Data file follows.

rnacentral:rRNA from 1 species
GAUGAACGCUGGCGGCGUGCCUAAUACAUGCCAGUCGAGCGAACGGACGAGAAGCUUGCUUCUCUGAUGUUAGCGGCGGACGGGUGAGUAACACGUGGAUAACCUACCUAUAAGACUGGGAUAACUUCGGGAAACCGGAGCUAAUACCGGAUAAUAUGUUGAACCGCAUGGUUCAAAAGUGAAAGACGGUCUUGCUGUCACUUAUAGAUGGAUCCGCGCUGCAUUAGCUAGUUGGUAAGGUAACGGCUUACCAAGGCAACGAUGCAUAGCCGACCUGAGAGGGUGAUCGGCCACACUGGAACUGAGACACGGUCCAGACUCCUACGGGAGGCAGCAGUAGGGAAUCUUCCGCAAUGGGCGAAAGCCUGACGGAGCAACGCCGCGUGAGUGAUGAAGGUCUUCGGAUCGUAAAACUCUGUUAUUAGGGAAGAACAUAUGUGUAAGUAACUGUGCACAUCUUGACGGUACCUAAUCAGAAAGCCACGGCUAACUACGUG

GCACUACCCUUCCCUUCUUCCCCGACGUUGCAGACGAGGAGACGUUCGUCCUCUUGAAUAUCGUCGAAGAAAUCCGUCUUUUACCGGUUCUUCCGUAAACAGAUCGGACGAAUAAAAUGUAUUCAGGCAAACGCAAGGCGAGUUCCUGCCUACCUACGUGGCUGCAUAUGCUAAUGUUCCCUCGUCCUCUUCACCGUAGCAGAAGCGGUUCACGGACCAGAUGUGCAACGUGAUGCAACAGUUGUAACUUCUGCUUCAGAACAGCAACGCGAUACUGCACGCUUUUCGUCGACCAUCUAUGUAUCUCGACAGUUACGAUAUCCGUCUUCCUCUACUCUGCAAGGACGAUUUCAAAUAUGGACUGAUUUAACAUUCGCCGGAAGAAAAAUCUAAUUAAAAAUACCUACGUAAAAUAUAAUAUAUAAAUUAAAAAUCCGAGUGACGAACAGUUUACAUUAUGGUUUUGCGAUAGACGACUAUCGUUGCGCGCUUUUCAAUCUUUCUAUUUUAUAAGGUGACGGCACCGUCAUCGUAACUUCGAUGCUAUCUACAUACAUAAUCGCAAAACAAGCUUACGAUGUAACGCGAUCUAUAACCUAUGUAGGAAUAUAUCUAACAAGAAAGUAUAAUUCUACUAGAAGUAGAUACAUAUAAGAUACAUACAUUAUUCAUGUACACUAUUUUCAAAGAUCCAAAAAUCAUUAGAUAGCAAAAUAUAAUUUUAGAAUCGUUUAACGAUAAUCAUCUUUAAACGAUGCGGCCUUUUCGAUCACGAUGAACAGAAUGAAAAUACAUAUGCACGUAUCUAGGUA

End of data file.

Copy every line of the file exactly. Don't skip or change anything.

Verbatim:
rnacentral:rRNA from 1 species
GAUGAACGCUGGCGGCGUGCCUAAUACAUGCCAGUCGAGCGAACGGACGAGAAGCUUGCUUCUCUGAUGUUAGCGGCGGACGGGUGAGUAACACGUGGAUAACCUACCUAUAAGACUGGGAUAACUUCGGGAAACCGGAGCUAAUACCGGAUAAUAUGUUGAACCGCAUGGUUCAAAAGUGAAAGACGGUCUUGCUGUCACUUAUAGAUGGAUCCGCGCUGCAUUAGCUAGUUGGUAAGGUAACGGCUUACCAAGGCAACGAUGCAUAGCCGACCUGAGAGGGUGAUCGGCCACACUGGAACUGAGACACGGUCCAGACUCCUACGGGAGGCAGCAGUAGGGAAUCUUCCGCAAUGGGCGAAAGCCUGACGGAGCAACGCCGCGUGAGUGAUGAAGGUCUUCGGAUCGUAAAACUCUGUUAUUAGGGAAGAACAUAUGUGUAAGUAACUGUGCACAUCUUGACGGUACCUAAUCAGAAAGCCACGGCUAACUACGUG

GCACUACCCUUCCCUUCUUCCCCGACGUUGCAGACGAGGAGACGUUCGUCCUCUUGAAUAUCGUCGAAGAAAUCCGUCUUUUACCGGUUCUUCCGUAAACAGAUCGGACGAAUAAAAUGUAUUCAGGCAAACGCAAGGCGAGUUCCUGCCUACCUACGUGGCUGCAUAUGCUAAUGUUCCCUCGUCCUCUUCACCGUAGCAGAAGCGGUUCACGGACCAGAUGUGCAACGUGAUGCAACAGUUGUAACUUCUGCUUCAGAACAGCAACGCGAUACUGCACGCUUUUCGUCGACCAUCUAUGUAUCUCGACAGUUACGAUAUCCGUCUUCCUCUACUCUGCAAGGACGAUUUCAAAUAUGGACUGAUUUAACAUUCGCCGGAAGAAAAAUCUAAUUAAAAAUACCUACGUAAAAUAUAAUAUAUAAAUUAAAAAUCCGAGUGACGAACAGUUUACAUUAUGGUUUUGCGAUAGACGACUAUCGUUGCGCGCUUUUCAAUCUUUCUAUUUUAUAAGGUGACGGCACCGUCAUCGUAACUUCGAUGCUAUCUACAUACAUAAUCGCAAAACAAGCUUACGAUGUAACGCGAUCUAUAACCUAUGUAGGAAUAUAUCUAACAAGAAAGUAUAAUUCUACUAGAAGUAGAUACAUAUAAGAUACAUACAUUAUUCAUGUACACUAUUUUCAAAGAUCCAAAAAUCAUUAGAUAGCAAAAUAUAAUUUUAGAAUCGUUUAACGAUAAUCAUCUUUAAACGAUGCGGCCUUUUCGAUCACGAUGAACAGAAUGAAAAUACAUAUGCACGUAUCUAGGUA